Today, the prospect of driving nearly eight hours seems daunting, but can you imagine difficult it would’ve been in the 1800s when cars were not yet invented and roads across the country were hardly more than dirt paths? On this day in 1888, James Selby, a past resident of Edgware Road, and famous stagecoachman, did just that – traveling 108 miles in 7 hours and 50 minutes and changing horses 13 times. To this day, Selby’s feat is the most celebrated stagecoach event in British history.
Why would anyone take on such a task, you ask? To win a bet, of course. For context, driving a stagecoach in the 1800s was quite a lucrative business. Many people could ride a horse, much like driving a car, but few people had the skills to steer four horses in harness, which could be equated to driving an articulated lorry. Due to the rarity of skill, ‘driving clubs’ starting popping up around London. Members were wealthy patrons coming from all over the country and purchasing their own coaches to use for private trips with friends. Driving and owning a stagecoach became so much of a status symbol that annual parades were held in Hyde Park. In fact, the Duke of Edinburgh took up carriage driving for a while after giving up polo.
As the ‘driving clubs’ gained popularity, a new season evolved lasting from April to September – ‘Coaching Season’ – in which these clubs would go on day trips to popular destinations about two to three hours away. These were tiring and thought-out journeys stopping at inns to switch horses or rest. For instance, a trip to Virginia Water, today an hour’s drive, would involve four changes each way, thus twenty horses in all, and stopping at The Greyhound Inn in Sheen, The Kings Arms in Hampton Court, The Bear Inn in Walton and The Crown Inn in Weybridge.
The driving clubs created a circle of friends, one of which included James Selby. At Ascot in 1888, James Selby was with his driving club friends and a wager of a thousand guineas to 500 was made that a coach could not be driven to Brighton and back in eight hours. At the time, the current record for the one-way journey was four hours and 21 minutes. As a well-known professional coachman, coachbuilder and public figure, James Selby accepted the challenge.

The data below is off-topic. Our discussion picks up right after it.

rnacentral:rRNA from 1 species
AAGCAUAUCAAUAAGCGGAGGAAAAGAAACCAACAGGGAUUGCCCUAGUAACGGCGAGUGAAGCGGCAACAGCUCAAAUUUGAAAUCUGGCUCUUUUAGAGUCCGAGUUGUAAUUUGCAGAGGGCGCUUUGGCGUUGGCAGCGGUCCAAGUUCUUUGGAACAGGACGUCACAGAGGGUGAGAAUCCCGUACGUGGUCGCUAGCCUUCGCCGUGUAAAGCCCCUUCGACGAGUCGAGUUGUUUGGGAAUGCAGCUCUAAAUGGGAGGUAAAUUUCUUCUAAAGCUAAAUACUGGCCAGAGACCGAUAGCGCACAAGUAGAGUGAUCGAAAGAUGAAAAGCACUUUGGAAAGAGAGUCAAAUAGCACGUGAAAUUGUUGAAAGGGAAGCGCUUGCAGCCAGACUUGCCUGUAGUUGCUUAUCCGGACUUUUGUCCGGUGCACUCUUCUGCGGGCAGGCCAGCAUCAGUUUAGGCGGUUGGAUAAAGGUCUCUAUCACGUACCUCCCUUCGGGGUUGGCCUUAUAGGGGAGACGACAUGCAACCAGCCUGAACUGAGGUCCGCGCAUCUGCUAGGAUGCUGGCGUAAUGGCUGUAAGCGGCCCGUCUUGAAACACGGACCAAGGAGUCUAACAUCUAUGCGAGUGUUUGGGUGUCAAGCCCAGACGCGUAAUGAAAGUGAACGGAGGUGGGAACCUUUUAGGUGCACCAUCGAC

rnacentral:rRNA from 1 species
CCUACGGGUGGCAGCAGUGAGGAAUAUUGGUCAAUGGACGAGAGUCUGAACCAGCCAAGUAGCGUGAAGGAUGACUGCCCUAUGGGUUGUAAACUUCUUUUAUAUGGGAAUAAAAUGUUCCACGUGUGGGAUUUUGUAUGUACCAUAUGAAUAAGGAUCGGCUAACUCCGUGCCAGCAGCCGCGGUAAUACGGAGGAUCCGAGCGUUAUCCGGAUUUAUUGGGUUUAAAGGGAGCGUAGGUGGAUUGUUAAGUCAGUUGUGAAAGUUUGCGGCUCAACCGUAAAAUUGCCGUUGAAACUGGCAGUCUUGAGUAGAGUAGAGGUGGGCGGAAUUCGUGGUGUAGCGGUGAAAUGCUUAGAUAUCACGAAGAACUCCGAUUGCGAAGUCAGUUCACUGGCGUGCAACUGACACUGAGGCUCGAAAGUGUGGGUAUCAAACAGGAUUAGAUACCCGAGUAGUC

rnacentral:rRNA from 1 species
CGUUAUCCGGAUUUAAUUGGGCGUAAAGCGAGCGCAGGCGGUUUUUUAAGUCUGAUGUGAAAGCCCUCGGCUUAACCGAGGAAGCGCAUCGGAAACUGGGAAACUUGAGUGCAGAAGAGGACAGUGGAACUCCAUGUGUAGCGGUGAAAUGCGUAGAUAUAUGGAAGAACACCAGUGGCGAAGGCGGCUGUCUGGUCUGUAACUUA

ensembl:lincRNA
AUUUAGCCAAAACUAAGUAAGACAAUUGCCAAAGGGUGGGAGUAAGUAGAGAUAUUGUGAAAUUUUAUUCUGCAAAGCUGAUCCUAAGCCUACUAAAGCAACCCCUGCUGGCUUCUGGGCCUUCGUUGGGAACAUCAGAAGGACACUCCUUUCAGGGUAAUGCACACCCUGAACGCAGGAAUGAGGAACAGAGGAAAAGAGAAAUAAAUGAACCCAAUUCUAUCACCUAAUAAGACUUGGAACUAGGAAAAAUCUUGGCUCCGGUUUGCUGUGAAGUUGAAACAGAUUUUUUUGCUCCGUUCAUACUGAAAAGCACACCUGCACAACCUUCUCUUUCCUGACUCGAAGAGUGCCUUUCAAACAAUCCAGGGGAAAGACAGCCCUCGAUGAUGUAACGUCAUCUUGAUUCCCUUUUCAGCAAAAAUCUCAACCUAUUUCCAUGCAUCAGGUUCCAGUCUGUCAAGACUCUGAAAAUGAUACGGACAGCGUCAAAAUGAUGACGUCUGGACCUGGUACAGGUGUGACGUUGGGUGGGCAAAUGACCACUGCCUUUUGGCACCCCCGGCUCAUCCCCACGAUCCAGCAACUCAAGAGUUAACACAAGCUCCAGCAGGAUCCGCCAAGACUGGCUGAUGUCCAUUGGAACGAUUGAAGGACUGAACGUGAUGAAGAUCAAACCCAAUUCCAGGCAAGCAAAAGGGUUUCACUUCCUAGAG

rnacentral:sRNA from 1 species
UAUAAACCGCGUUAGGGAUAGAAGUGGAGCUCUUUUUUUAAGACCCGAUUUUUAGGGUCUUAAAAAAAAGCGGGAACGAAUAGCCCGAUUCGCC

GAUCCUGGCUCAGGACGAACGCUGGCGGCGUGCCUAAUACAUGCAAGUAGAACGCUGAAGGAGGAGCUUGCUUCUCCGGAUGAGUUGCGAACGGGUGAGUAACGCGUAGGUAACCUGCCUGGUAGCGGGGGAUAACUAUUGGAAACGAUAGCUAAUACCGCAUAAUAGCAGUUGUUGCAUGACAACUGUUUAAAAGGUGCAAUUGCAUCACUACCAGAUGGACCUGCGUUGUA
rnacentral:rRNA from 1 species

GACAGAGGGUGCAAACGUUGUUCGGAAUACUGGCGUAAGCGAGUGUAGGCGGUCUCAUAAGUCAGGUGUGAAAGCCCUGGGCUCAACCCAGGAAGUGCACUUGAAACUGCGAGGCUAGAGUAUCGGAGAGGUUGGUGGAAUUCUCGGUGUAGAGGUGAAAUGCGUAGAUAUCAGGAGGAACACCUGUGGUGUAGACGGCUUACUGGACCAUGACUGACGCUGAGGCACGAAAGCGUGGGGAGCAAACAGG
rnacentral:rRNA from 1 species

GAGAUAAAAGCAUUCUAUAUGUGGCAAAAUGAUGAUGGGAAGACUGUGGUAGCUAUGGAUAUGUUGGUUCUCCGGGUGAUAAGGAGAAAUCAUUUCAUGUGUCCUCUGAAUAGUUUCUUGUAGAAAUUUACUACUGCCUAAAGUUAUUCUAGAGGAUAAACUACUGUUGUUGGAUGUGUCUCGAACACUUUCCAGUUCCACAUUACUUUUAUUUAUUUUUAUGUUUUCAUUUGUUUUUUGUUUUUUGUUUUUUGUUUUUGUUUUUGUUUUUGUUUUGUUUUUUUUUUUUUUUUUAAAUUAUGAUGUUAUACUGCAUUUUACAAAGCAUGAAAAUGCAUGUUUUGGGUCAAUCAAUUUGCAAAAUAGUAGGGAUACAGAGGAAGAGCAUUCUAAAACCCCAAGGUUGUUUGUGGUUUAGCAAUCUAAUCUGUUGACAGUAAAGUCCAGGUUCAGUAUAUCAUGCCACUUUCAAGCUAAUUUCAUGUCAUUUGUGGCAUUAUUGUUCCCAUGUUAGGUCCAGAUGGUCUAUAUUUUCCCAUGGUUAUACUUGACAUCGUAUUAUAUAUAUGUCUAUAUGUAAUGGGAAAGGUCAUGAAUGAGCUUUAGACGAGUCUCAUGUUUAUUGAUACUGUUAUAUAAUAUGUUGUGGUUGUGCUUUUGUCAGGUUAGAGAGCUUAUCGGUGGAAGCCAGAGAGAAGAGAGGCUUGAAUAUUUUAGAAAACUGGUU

At 10:00 am on 13 July 1888, Selby left The White Horse Cellars in Piccadilly with six of his driving club friends as passengers. The event was so well-known that police on route from London to Brighton were briefed to keep key intersections clear and ostlers at each inn stop were prepared to assist Selby in changing the horses. Overall, Selby changed horses 16 times, often in record time with one change taking only 40 seconds! Move over, Formula 1. During this time, Selby never left his seat in order to save time. He only paused once at The Old Ship Inn in Brighton – the half-way point as it was round-trip.
He did it! Selby arrived back at The White Horse Cellars in Piccadilly 10 minutes within the challenge – totaling 7 hours and 50 minutes. It is recorded that ‘half London’ turned out to see him pull up.
Sadly, Selby died in only 5 months later. It was said that his funeral procession from his Edgware Road home to Highgate was a mile long and included almost every road coach in operation to honour him. His grave, located at Highgate Cemetry, has a whip on it to resemble his stagecoach career and fame.
A plaque commemorating James Selby’s journey was placed at his former residence in 1938, but has since been removed. It sat at the location of an extension to the Victoria Services Club following World War I.